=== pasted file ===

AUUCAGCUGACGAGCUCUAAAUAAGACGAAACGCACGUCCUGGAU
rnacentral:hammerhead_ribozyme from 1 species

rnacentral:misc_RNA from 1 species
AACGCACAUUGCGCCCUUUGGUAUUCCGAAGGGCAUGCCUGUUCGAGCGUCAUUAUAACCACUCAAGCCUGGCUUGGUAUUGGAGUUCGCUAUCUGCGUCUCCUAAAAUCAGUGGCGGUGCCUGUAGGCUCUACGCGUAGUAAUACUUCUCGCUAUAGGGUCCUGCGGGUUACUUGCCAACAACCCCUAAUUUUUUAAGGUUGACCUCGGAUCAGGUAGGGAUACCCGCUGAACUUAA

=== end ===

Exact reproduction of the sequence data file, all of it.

AUUCAGCUGACGAGCUCUAAAUAAGACGAAACGCACGUCCUGGAU
rnacentral:hammerhead_ribozyme from 1 species

rnacentral:misc_RNA from 1 species
AACGCACAUUGCGCCCUUUGGUAUUCCGAAGGGCAUGCCUGUUCGAGCGUCAUUAUAACCACUCAAGCCUGGCUUGGUAUUGGAGUUCGCUAUCUGCGUCUCCUAAAAUCAGUGGCGGUGCCUGUAGGCUCUACGCGUAGUAAUACUUCUCGCUAUAGGGUCCUGCGGGUUACUUGCCAACAACCCCUAAUUUUUUAAGGUUGACCUCGGAUCAGGUAGGGAUACCCGCUGAACUUAA